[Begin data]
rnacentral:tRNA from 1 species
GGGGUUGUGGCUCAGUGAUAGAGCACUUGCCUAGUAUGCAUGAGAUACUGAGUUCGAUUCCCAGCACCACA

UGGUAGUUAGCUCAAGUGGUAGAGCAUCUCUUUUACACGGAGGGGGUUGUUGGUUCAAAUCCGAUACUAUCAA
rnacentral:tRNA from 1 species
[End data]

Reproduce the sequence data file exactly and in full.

rnacentral:tRNA from 1 species
GGGGUUGUGGCUCAGUGAUAGAGCACUUGCCUAGUAUGCAUGAGAUACUGAGUUCGAUUCCCAGCACCACA

UGGUAGUUAGCUCAAGUGGUAGAGCAUCUCUUUUACACGGAGGGGGUUGUUGGUUCAAAUCCGAUACUAUCAA
rnacentral:tRNA from 1 species